Private Cell Phone Data May be Discoverable in Litigation

In disputed injury cases, getting evidence that may be difficult to obtain can be the difference between winning and losing. When we think of evidence, we often think of witnesses and medical records and maybe even video camera recordings. But we often don’t think of cell phone records as evidence in injury cases.

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Cell Phones and Privacy

We often think of the information on our cell phones—texts, emails, pictures, schedules, etc.—as our private information. Because of that, we write very candid things on our phones, not expecting that the world could ever see them.

In Florida, we have a constitutional right to privacy, which is often used to protect the information on our cell phones.

But cell phone records can be a very compelling piece of evidence, especially in a disputed liability case. Contrary to what you may think, there are ways to get the confidential cell phone records and data of an opposing party—and ways that it can be used against you as well.

Recent Case Makes Cell Data Discoverable  

This was just the issue recently in a case involving the death of a woman who was hit by a truck. As a defense, the trucking company asserted the driver was distracted by her iPhone. They obtained records from the deceased’s cell phone provider, but those are generally just numbers and times of calls made.

There was evidence through witnesses that the decedent had been texting at the time of the accident. Thus, the trucking company wanted its expert to inspect the phone itself, to get access to texts, photos, or social media postings, as well as GPS data that would show where the vehicles were and how fast they were travelling when the accident occurred.

The court allowed the inspection, but only under certain conditions. Only a 9-hour window was allowed to be discovered, and the expert had to create a backup of the phone in order to preserve the data. Special software protecting the phone would have to be used, and the owner’s attorney could be present during the entire process, and the inspection could be videotaped. Once the data was gathered, the owner’s attorney had a 10-day window to file objections to protect sensitive or private data.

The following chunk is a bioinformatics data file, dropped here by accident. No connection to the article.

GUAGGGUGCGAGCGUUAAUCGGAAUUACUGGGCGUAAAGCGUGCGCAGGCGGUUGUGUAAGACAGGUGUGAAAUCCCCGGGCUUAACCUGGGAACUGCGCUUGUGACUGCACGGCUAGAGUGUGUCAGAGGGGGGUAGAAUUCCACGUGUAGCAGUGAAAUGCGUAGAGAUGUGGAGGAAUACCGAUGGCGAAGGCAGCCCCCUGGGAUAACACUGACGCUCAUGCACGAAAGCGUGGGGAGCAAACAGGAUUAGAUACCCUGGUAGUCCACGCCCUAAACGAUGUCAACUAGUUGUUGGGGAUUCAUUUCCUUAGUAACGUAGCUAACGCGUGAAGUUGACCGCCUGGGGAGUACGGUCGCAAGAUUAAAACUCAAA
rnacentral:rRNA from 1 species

The court took special note that the owner’s attorney did not proffer any sensitive information that should be protected, nor did the attorney suggest there were other ways to get the information provided. In essence, the attorney agreed with the stated procedures. And, because of the pre-existing evidence that the driver was texting, this was not a “fishing expedition.”

Whenever a fact is in issue, and a party proposes reasonable parameters and safeguards as they did in this case, a court is always more likely to allow inspection. It’s important to remember that a decision like this cuts both ways. Here it was the victim’s phone that was being inspected, but there is no reason why a victim could not review a defendant’s phone records.

Obtaining difficult evidence wins difficult cases. Find an attorney that has the know how and expertise to do just that. Talk to the Miami personal injury attorneys at Gerson & Schwartz, P.A. today for a free consultation about your injury or malpractice case.

Photo Credit: Joi via Compfight cc

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